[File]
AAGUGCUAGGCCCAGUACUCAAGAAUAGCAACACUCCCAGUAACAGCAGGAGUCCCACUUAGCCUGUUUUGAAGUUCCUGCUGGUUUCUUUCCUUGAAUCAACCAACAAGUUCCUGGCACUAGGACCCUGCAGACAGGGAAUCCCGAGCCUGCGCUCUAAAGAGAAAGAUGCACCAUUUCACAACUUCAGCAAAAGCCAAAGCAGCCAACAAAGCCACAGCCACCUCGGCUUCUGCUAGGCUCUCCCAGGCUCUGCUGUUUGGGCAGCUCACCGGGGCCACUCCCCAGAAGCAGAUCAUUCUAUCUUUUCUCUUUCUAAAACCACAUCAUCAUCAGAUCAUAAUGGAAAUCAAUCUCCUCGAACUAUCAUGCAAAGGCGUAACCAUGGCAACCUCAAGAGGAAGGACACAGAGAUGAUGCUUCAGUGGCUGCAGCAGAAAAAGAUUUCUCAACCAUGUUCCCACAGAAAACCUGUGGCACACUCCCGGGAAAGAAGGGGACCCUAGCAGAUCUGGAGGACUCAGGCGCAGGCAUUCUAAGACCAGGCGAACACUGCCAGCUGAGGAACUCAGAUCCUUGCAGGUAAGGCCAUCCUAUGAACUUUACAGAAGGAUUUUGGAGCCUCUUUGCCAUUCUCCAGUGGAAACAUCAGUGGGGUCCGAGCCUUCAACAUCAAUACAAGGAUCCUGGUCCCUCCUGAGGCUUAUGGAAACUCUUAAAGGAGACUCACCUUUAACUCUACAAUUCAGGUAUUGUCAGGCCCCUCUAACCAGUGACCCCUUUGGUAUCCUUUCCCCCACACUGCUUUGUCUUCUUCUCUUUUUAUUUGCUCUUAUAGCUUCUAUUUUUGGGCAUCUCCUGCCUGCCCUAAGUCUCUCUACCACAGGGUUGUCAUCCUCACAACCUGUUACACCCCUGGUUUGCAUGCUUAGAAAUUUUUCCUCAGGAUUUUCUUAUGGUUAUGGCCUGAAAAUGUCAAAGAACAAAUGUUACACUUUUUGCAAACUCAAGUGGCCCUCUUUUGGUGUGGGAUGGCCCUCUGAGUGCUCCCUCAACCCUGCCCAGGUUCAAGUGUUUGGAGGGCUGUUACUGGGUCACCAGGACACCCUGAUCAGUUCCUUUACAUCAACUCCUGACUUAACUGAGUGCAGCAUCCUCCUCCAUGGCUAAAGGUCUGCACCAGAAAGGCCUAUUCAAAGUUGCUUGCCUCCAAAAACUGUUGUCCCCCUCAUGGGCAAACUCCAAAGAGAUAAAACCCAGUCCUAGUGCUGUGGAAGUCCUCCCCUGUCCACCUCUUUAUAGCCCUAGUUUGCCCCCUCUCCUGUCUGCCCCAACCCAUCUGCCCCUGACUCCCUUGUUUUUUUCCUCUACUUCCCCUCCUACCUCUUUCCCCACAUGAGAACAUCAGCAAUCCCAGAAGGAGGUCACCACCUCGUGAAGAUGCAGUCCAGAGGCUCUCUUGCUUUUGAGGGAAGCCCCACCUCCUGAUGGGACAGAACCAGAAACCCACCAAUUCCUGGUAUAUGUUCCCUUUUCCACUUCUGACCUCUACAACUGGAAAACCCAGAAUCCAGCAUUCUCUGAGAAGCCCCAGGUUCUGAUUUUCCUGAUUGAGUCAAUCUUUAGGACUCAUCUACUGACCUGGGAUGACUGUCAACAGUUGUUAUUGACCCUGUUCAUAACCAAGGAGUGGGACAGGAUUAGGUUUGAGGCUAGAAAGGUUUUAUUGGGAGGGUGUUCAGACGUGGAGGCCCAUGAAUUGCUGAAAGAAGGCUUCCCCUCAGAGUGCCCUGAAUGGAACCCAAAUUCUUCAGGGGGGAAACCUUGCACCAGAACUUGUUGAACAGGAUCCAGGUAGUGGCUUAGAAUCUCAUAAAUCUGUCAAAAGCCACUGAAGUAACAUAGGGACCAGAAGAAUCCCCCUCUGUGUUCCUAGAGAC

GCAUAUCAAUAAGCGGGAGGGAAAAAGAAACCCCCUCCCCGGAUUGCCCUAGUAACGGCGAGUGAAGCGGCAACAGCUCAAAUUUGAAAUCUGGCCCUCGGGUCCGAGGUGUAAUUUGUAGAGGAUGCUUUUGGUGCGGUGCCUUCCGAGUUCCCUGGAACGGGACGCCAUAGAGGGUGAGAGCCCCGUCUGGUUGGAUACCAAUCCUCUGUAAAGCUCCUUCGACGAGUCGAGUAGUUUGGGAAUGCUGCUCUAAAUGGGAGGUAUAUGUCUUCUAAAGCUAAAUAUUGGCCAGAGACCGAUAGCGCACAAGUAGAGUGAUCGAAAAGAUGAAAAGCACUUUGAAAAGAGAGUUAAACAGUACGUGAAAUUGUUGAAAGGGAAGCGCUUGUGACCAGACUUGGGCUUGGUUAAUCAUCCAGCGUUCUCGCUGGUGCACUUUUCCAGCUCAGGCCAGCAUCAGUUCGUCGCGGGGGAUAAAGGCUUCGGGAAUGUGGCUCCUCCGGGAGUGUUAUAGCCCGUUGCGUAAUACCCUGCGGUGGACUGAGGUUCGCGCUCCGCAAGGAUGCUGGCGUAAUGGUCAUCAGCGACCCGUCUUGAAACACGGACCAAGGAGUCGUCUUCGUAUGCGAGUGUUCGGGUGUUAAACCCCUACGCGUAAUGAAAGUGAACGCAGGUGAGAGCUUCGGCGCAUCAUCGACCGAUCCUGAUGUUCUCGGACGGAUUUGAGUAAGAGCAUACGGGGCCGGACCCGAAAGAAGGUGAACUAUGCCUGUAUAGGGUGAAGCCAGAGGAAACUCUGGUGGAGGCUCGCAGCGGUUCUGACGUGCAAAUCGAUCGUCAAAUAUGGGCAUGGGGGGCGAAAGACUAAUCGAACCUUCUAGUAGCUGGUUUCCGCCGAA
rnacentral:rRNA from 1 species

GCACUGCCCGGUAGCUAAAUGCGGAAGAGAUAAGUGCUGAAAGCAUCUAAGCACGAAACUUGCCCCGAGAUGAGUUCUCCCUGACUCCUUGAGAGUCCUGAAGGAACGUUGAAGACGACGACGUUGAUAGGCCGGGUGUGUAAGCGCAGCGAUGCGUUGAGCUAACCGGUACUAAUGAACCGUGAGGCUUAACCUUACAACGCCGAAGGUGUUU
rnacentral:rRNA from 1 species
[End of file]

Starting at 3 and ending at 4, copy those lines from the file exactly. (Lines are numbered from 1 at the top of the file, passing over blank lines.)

rnacentral:rRNA from 1 species

GCACUGCCCGGUAGCUAAAUGCGGAAGAGAUAAGUGCUGAAAGCAUCUAAGCACGAAACUUGCCCCGAGAUGAGUUCUCCCUGACUCCUUGAGAGUCCUGAAGGAACGUUGAAGACGACGACGUUGAUAGGCCGGGUGUGUAAGCGCAGCGAUGCGUUGAGCUAACCGGUACUAAUGAACCGUGAGGCUUAACCUUACAACGCCGAAGGUGUUU